Granular Activated Carbon, Part 1: Modeling of Operational Parameters for Dissolved Organic Carbon Removal from Marine Aquaria

by | Jan 15, 2008 | 0 comments


GAC and the Aquarium

The use of granular activated carbon (GAC) for decolorizing marine aquarium water has had a long and successful history. In fact, prior to the introduction of this filtering agent into the saltwater aquarium hobby, the central role of this technology in water remediation efforts ensured that a large body of data existed which spoke to the basics of contaminant removal from drinking water and wastewater by carbon-based media (Bansal, 2005; Cheremisinoff, 1993; Kvech, 1997). Through extensive experimental and theoretical (i.e., model building) studies, many of the parameters that define success have been identified. Optimization of GAC source, water flow rate through fixed-bed reactors, media presentation, and time-in-use, among other features, has led to successful protocols for the removal of many small-molecule organic contaminants, such as benzene, phenol, chlorinated hydrocarbons, pesticides, etc. from potable water sources (Bansal, 2005; Khan, 1997; Singh, 2006). It is not surprising that many of the lessons learned from these studies accompanied the technology as it was adapted to marine aquarium use. Some empirical and largely divergent “rules for use”, which have emerged from these initial inputs combined with the numerous observations of aquarists, have been proposed by many authors (;; Hovanec, 1993; Harker, 1998; Schiemer, 1997). Although there is by no means a uniform consensus, recommendations 1 and 2 below seem to have stood the test of time. On the other hand, opinions conflict on the questions of how much (#3), how fast (#4), and how often (#5).

  1. Use GAC formulated from either bituminous coal (Hovanec, 1993) or lignite coal (Harker, 1998), but not coconut shell.
  2. Use active flow through the media and not passive diffusion (Hovanec, 1993; Harker, 1998).
  3. Use about 0.3 gm of GAC per gallon of tank water (“3 tablespoons per 50 gallons”) (Harker, 1998) to 19 gm/gal (Lliopoulos, 2002) (no consensus here).
  4. Use water flow rates of about 4 gph (Harker, 1998) to several hundred gph [many canister filter manufacturers] (again, no consensus).
  5. Replace with new GAC every week (Harker, 1998) to once every 4-6 weeks (Schiemer, 1997) (once again, no consensus).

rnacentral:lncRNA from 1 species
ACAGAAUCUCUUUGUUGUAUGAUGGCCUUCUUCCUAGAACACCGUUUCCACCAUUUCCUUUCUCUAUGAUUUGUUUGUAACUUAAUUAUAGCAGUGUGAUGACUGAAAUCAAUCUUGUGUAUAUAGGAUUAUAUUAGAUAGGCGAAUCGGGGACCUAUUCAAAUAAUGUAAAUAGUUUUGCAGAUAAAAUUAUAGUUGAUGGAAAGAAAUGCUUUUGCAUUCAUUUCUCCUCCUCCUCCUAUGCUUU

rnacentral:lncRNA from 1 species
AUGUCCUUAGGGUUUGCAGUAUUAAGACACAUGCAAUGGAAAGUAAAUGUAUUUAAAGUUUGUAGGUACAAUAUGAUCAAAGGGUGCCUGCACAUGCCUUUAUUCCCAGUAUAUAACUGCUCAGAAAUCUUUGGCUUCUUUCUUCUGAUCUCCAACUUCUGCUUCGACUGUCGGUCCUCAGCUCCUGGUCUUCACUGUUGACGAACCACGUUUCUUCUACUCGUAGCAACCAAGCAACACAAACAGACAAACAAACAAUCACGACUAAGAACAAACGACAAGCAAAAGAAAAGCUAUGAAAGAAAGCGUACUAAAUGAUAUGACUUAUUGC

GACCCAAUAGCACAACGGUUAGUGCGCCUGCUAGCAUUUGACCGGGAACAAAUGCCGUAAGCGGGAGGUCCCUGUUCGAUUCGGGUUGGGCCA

6. Run continuously (Schiemer, 1997) or sporadically (Harker, 1998) (no consensus!).

Dissolved Organic Carbon

The precise chemical species that GAC removes have not been determined. Rather, the catchall phrases “DOC” (dissolved organic carbon) and/or “marine humic/fulvic acids” are frequently employed to categorize the uncharacterizable (Holmes-Farley, 2004; Bingman, 1996; Rashid, 1985; Romankevich, 1984). In fact, both descriptors have little intrinsic meaning and give no insight into the actual chemicals involved. Romankevich has estimated that there is approximately 2 x 1012 tons of DOC in the world’s oceans (for comparison, Romankevich reports that there are approximately 2.5 x 1012 tons of organic carbon in oil deposits in the world), and about 94% of that material is phytoplantonic in origin (Romankevich, 1984). Most (all?) of these dissolved organic materials are subjected to both biological (bacterial) and non-biological degradative processes until eventually refractory (= inert) compounds, which survive exposure to the marine environment’s inhabitants and conditions, result. Occasionally, marine scientists have attempted to provide some structural details for these substances on the basis of the spectroscopic signatures of specific chemical functionalities observed. In particular, solid-state carbon nuclear magnetic resonance spectroscopy has provided an unrivaled window into this complex problem (Gillam, 1986; Sardessal, 1998). Representative polycyclic species derived from oxidation and then cyclization of unsaturated lipids have been proposed (Harvey, 1983), whereas other authors have suggested that some humic acid components originate from oligosaccharide-protein condensations to form polycyclic materials that have a high nitrogen content (Francois, 1990). The former process has a direct analogy to the curing of oil-based varnishes for wood treatment, whereas the latter process is related to the chemistry of food browning upon cooking, a sequence of transformations called the Maillard reaction. In both cases, colored, soluble material can be formed. Both of these chemical transformations require condensation of different chemical reaction partners that each exist in concentrations of approximately 1 ppm, and so any hypothesis for DOC formation that cites these reactions must address this low-concentration-of-reactants issue.

Our Experimental Goals

With this information as background, we set out to experimentally probe some of the unresolved issues surrounding the use of GAC in the marine aquarium:

  1. How much GAC should be used to deplete the DOC by 90% (arbitrarily chosen) for a given water volume?
  2. When should the GAC charge be changed?